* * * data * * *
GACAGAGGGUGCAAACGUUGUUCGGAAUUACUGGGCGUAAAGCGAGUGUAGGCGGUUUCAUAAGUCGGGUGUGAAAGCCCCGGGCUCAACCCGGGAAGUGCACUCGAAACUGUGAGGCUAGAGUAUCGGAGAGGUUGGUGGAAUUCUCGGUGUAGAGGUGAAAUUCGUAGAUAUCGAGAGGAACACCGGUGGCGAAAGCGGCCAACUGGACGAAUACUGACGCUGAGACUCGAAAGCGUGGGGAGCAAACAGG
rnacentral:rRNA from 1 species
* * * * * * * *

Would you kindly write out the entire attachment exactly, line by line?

GACAGAGGGUGCAAACGUUGUUCGGAAUUACUGGGCGUAAAGCGAGUGUAGGCGGUUUCAUAAGUCGGGUGUGAAAGCCCCGGGCUCAACCCGGGAAGUGCACUCGAAACUGUGAGGCUAGAGUAUCGGAGAGGUUGGUGGAAUUCUCGGUGUAGAGGUGAAAUUCGUAGAUAUCGAGAGGAACACCGGUGGCGAAAGCGGCCAACUGGACGAAUACUGACGCUGAGACUCGAAAGCGUGGGGAGCAAACAGG
rnacentral:rRNA from 1 species